Montesquieu

Usbek1 to his friend Rustan in Isfahan2


We spent but one day at Com.3 Once we had per­for­med our devo­tions on the tomb of the vir­gin who gave birth to twelve pro­phets,4 we set forth again, and yes­ter­day, the twenty-fifth day from our depar­ture from Isfahan, we arri­ved in Tauris.5 Rica and I may be the first Persians who ever left their coun­try for desire of lear­ning, and gave up the ease of a tran­quil life to under­take an arduous pur­suit of wis­dom.6 We were born in a flou­ri­shing king­dom, but we have not belie­ved that its fron­tiers were those of our know­ledge, and that orien­tal light alone should light our way. Tell me what peo­ple are saying about our jour­ney. Do not flat­ter me : I do not expect very many will approve. Send your let­ter to Erzeron, where I will stay for some while. Adieu, my dear Rustan, be sure that whe­re­ver on earth I may be, you have a fai­th­ful friend.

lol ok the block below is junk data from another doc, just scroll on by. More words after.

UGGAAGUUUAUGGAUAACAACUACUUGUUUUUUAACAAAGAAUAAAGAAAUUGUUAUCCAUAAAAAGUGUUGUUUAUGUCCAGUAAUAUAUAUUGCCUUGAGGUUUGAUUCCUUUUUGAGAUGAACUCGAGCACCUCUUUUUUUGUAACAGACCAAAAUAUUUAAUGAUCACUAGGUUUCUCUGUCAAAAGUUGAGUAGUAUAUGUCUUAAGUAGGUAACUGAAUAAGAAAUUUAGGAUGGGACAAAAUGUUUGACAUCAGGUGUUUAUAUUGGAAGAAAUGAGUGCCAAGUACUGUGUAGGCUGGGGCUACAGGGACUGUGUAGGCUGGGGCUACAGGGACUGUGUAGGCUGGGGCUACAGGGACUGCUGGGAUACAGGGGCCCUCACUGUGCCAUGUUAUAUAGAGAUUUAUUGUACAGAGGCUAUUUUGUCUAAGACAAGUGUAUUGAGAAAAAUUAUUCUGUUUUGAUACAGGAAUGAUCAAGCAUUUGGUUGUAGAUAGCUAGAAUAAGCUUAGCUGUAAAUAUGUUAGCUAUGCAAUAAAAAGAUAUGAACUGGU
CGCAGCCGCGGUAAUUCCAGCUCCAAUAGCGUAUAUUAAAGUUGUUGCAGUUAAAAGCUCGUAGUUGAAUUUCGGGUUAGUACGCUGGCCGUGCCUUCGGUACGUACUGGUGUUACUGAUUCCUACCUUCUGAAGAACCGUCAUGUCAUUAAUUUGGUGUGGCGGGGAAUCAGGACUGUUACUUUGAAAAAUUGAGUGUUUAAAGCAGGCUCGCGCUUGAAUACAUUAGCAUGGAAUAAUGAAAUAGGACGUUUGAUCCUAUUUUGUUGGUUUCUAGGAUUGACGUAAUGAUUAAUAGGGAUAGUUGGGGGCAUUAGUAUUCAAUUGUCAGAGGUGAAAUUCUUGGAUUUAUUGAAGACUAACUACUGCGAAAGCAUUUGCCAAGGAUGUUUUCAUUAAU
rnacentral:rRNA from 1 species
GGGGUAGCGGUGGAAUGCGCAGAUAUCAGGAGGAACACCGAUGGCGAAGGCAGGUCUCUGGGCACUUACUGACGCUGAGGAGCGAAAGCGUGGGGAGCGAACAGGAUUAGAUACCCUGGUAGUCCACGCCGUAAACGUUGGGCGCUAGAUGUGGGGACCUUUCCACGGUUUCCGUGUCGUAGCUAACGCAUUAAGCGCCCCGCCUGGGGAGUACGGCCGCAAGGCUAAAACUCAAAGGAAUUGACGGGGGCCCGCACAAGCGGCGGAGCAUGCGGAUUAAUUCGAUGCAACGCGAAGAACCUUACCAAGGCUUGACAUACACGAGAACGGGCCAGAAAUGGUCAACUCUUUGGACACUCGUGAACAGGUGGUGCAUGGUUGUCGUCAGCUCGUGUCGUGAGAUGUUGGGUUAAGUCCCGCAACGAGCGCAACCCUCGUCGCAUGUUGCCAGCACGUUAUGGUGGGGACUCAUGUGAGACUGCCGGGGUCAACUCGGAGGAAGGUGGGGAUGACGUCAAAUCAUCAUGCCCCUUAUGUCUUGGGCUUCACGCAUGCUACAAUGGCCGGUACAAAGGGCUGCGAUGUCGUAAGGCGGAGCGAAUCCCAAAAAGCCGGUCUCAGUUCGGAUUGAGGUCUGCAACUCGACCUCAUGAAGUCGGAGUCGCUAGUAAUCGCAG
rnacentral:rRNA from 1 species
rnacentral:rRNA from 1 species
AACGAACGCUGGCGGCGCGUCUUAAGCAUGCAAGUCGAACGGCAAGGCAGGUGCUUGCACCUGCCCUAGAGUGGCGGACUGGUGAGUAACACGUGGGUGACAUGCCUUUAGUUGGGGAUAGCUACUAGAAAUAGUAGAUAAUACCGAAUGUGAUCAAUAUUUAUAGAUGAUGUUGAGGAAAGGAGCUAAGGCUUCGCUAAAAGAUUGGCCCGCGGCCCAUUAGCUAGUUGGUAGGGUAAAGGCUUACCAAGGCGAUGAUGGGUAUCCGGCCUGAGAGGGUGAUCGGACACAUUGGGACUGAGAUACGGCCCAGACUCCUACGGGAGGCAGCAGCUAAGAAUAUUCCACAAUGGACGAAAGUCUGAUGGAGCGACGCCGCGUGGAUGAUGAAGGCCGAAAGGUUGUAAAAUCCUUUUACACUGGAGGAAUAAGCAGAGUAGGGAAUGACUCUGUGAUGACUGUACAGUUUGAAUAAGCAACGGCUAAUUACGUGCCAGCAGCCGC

Tauris this 15th day of the moon of Saphar 1711

The Usbecks are the name of a Tartar people, living to the east of the Caspian Sea.

Capital of Persia, lengthily described by Chardin in his volume VIII.

Qum, holy city of the Shiites, eight days by foot from Isfahan.

An apparent conflation of Mahommed’s daughter Fatmé or Fatéméh, from whom descend the twelve successor califs to Mahommed, and Fatmé the daughter of Musa Kazem, the seventh of said califs, whose tomb was in the grand mosque of Qum, where both of them were honored.

Tabriz

See qualifications of these motives in letter 8.